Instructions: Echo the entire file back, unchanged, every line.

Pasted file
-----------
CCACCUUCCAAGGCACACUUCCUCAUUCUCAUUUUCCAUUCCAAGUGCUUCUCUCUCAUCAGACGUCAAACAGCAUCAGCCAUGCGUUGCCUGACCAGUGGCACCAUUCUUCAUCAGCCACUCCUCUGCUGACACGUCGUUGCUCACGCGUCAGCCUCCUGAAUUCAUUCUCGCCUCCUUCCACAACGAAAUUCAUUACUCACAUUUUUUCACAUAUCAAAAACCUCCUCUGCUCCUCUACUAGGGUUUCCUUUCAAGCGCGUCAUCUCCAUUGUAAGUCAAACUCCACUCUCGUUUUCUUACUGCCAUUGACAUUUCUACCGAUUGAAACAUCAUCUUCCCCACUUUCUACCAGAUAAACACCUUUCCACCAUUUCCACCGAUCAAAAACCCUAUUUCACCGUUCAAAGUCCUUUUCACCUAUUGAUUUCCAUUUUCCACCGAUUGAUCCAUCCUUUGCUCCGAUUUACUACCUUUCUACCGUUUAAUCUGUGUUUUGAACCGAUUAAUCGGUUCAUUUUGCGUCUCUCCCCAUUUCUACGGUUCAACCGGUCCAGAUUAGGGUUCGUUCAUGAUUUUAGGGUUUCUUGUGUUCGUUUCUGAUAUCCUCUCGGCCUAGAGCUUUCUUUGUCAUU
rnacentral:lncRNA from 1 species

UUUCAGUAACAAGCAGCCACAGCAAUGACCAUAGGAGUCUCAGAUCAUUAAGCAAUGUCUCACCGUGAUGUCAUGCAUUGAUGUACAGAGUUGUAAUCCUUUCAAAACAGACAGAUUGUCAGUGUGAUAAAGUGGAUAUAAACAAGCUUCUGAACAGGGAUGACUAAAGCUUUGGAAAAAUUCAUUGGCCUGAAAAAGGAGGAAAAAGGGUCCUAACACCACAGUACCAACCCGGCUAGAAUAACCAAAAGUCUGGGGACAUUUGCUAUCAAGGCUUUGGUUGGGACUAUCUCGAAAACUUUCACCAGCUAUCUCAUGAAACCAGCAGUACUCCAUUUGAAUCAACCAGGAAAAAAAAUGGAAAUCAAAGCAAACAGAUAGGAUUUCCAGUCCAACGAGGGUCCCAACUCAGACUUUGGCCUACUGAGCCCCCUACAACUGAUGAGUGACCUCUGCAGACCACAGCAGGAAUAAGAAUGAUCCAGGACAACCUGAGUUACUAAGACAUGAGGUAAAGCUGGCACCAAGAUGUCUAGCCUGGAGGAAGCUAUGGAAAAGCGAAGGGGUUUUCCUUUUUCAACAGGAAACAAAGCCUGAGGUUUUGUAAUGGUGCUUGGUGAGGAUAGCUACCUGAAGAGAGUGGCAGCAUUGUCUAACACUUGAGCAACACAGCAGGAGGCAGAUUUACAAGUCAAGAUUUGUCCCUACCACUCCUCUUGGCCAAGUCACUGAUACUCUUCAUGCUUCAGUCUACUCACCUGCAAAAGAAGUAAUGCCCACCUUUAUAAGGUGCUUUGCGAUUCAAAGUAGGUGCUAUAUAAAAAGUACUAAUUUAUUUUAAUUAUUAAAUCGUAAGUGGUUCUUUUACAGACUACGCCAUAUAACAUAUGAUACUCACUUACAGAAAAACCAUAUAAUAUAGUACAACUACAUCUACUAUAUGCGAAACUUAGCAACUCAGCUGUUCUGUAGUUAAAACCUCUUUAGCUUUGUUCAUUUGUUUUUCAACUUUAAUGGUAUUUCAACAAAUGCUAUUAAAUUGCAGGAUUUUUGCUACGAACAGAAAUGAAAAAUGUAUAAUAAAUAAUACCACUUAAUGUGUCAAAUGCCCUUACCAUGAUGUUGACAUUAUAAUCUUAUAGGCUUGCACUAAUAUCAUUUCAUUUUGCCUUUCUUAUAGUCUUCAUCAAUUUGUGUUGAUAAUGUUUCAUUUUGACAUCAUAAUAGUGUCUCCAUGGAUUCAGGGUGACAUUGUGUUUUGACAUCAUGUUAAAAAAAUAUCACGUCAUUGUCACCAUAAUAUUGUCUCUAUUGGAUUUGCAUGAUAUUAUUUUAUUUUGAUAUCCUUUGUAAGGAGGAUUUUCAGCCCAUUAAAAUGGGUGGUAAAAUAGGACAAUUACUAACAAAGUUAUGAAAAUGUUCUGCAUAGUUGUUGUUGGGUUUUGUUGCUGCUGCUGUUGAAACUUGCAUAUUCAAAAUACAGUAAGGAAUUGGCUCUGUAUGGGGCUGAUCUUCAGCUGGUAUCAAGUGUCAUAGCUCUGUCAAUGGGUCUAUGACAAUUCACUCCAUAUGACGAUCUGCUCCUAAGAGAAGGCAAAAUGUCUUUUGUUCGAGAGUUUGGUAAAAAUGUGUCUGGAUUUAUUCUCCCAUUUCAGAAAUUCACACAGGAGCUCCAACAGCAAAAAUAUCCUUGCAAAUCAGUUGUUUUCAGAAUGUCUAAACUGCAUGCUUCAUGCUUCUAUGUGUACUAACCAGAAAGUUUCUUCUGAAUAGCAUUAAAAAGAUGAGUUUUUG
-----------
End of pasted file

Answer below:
CCACCUUCCAAGGCACACUUCCUCAUUCUCAUUUUCCAUUCCAAGUGCUUCUCUCUCAUCAGACGUCAAACAGCAUCAGCCAUGCGUUGCCUGACCAGUGGCACCAUUCUUCAUCAGCCACUCCUCUGCUGACACGUCGUUGCUCACGCGUCAGCCUCCUGAAUUCAUUCUCGCCUCCUUCCACAACGAAAUUCAUUACUCACAUUUUUUCACAUAUCAAAAACCUCCUCUGCUCCUCUACUAGGGUUUCCUUUCAAGCGCGUCAUCUCCAUUGUAAGUCAAACUCCACUCUCGUUUUCUUACUGCCAUUGACAUUUCUACCGAUUGAAACAUCAUCUUCCCCACUUUCUACCAGAUAAACACCUUUCCACCAUUUCCACCGAUCAAAAACCCUAUUUCACCGUUCAAAGUCCUUUUCACCUAUUGAUUUCCAUUUUCCACCGAUUGAUCCAUCCUUUGCUCCGAUUUACUACCUUUCUACCGUUUAAUCUGUGUUUUGAACCGAUUAAUCGGUUCAUUUUGCGUCUCUCCCCAUUUCUACGGUUCAACCGGUCCAGAUUAGGGUUCGUUCAUGAUUUUAGGGUUUCUUGUGUUCGUUUCUGAUAUCCUCUCGGCCUAGAGCUUUCUUUGUCAUU
rnacentral:lncRNA from 1 species

UUUCAGUAACAAGCAGCCACAGCAAUGACCAUAGGAGUCUCAGAUCAUUAAGCAAUGUCUCACCGUGAUGUCAUGCAUUGAUGUACAGAGUUGUAAUCCUUUCAAAACAGACAGAUUGUCAGUGUGAUAAAGUGGAUAUAAACAAGCUUCUGAACAGGGAUGACUAAAGCUUUGGAAAAAUUCAUUGGCCUGAAAAAGGAGGAAAAAGGGUCCUAACACCACAGUACCAACCCGGCUAGAAUAACCAAAAGUCUGGGGACAUUUGCUAUCAAGGCUUUGGUUGGGACUAUCUCGAAAACUUUCACCAGCUAUCUCAUGAAACCAGCAGUACUCCAUUUGAAUCAACCAGGAAAAAAAAUGGAAAUCAAAGCAAACAGAUAGGAUUUCCAGUCCAACGAGGGUCCCAACUCAGACUUUGGCCUACUGAGCCCCCUACAACUGAUGAGUGACCUCUGCAGACCACAGCAGGAAUAAGAAUGAUCCAGGACAACCUGAGUUACUAAGACAUGAGGUAAAGCUGGCACCAAGAUGUCUAGCCUGGAGGAAGCUAUGGAAAAGCGAAGGGGUUUUCCUUUUUCAACAGGAAACAAAGCCUGAGGUUUUGUAAUGGUGCUUGGUGAGGAUAGCUACCUGAAGAGAGUGGCAGCAUUGUCUAACACUUGAGCAACACAGCAGGAGGCAGAUUUACAAGUCAAGAUUUGUCCCUACCACUCCUCUUGGCCAAGUCACUGAUACUCUUCAUGCUUCAGUCUACUCACCUGCAAAAGAAGUAAUGCCCACCUUUAUAAGGUGCUUUGCGAUUCAAAGUAGGUGCUAUAUAAAAAGUACUAAUUUAUUUUAAUUAUUAAAUCGUAAGUGGUUCUUUUACAGACUACGCCAUAUAACAUAUGAUACUCACUUACAGAAAAACCAUAUAAUAUAGUACAACUACAUCUACUAUAUGCGAAACUUAGCAACUCAGCUGUUCUGUAGUUAAAACCUCUUUAGCUUUGUUCAUUUGUUUUUCAACUUUAAUGGUAUUUCAACAAAUGCUAUUAAAUUGCAGGAUUUUUGCUACGAACAGAAAUGAAAAAUGUAUAAUAAAUAAUACCACUUAAUGUGUCAAAUGCCCUUACCAUGAUGUUGACAUUAUAAUCUUAUAGGCUUGCACUAAUAUCAUUUCAUUUUGCCUUUCUUAUAGUCUUCAUCAAUUUGUGUUGAUAAUGUUUCAUUUUGACAUCAUAAUAGUGUCUCCAUGGAUUCAGGGUGACAUUGUGUUUUGACAUCAUGUUAAAAAAAUAUCACGUCAUUGUCACCAUAAUAUUGUCUCUAUUGGAUUUGCAUGAUAUUAUUUUAUUUUGAUAUCCUUUGUAAGGAGGAUUUUCAGCCCAUUAAAAUGGGUGGUAAAAUAGGACAAUUACUAACAAAGUUAUGAAAAUGUUCUGCAUAGUUGUUGUUGGGUUUUGUUGCUGCUGCUGUUGAAACUUGCAUAUUCAAAAUACAGUAAGGAAUUGGCUCUGUAUGGGGCUGAUCUUCAGCUGGUAUCAAGUGUCAUAGCUCUGUCAAUGGGUCUAUGACAAUUCACUCCAUAUGACGAUCUGCUCCUAAGAGAAGGCAAAAUGUCUUUUGUUCGAGAGUUUGGUAAAAAUGUGUCUGGAUUUAUUCUCCCAUUUCAGAAAUUCACACAGGAGCUCCAACAGCAAAAAUAUCCUUGCAAAUCAGUUGUUUUCAGAAUGUCUAAACUGCAUGCUUCAUGCUUCUAUGUGUACUAACCAGAAAGUUUCUUCUGAAUAGCAUUAAAAAGAUGAGUUUUUG